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java.awt.TextArea

I am using a java.awt.TextArea and it will not seem to give me the Horizontal Scroll Bar when I appendText() to the TextArea that goes beyond the width of the TextArea.  Does anyone know why or how this could happen?  If so, how can I correct this?  Also, has anyone done anything before which will make the TextArea wrappable so that if text is appended to the textarea that is wider than its specified width, it will just automatically wrap to the next line?  If so, I would appreciate some help.  Thanks.
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cadillac
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cadillac
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russgoldCommented:
What VM are you using?  What version of Java?  appendText() works just fine for me in JDK 1.02.


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cadillacAuthor Commented:
I am using it in Netscape Navigator Gold.

I believe you misunderstood the question...appendText() works fine.  I just used appendText as an example of when I add text to the text area.  If I add enough text where the string is longer than the textarea's width, it should open up the horizontal scrollbar, but it never does with mine.  I am not sure why.  Do you know how to make it so the textarea is just wrappable?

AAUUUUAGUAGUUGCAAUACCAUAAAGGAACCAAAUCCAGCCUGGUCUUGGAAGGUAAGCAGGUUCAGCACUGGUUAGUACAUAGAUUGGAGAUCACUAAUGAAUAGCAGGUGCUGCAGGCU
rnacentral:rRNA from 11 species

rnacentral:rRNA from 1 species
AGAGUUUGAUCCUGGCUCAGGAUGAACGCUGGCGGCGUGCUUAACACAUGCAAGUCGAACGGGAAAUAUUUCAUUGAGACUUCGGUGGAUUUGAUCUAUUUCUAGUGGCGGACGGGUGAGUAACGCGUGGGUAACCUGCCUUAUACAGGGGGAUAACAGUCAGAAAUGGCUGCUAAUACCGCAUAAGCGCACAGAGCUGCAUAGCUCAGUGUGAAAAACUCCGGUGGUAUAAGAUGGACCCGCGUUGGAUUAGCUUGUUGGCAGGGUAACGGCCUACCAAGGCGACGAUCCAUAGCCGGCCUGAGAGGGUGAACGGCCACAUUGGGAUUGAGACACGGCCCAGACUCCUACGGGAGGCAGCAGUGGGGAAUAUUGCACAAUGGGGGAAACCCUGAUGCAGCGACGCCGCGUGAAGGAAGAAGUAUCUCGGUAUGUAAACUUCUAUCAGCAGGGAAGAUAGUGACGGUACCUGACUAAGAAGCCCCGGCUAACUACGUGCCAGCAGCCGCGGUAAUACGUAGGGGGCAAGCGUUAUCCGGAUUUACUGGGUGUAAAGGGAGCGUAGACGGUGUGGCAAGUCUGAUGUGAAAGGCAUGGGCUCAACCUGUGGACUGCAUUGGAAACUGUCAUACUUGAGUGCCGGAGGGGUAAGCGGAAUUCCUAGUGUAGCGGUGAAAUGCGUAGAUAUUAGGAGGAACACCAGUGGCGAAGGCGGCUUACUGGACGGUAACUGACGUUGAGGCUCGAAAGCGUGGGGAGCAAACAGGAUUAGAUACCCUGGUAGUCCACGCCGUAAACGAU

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russgoldCommented:
The behaviour you are seeing is incorrect, and due to a bug in Netscape 3.0's JVM. This is fixed in version 4 (Communicator)

JDK 1.1 adds a new constructor to TextArea which allows you to specify whether and which scrollbars are to be enabled. If you disable horizontal scrollbars, text will be word-wrapped automatically.

This behavior is unfortunately unavailable in JDK 1.02 (which Navigator Gold 3.0 uses).
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cadillacAuthor Commented:
You don't know how to make the textArea wrappable using JDK 1.02 do you?  I am looking for a workaround for now...
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russgoldCommented:
A workaround?  Well, there is a way, but it's kind of painful:

1. Subclass TextArea as a WordWrappingTextArea:

2. Add a private method which will take a raw string and word-wrap it by inserting returns ('\n') at the appropriate points.

3. Add another private method to remove the returns from such a string.

4. When *any* change is made to the text, remove any previous returns and insert new ones at the appropriate point (this means overriding handleEvent and catching each keystroke, as well as overriding appendText, insertText, replaceText, and setText).

5. Also, override getSelectedStart, getSelectedEnd, and select() to  accomodate the extraneous returns.

6. When a client asks for the current text (getText and getSelectedText), remove the extraneous keystrokes.

Once you have this class, you will have full control over word-wrapping, but your changes will be incompatible with JDK 1.1.
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cadillacAuthor Commented:
Thanks

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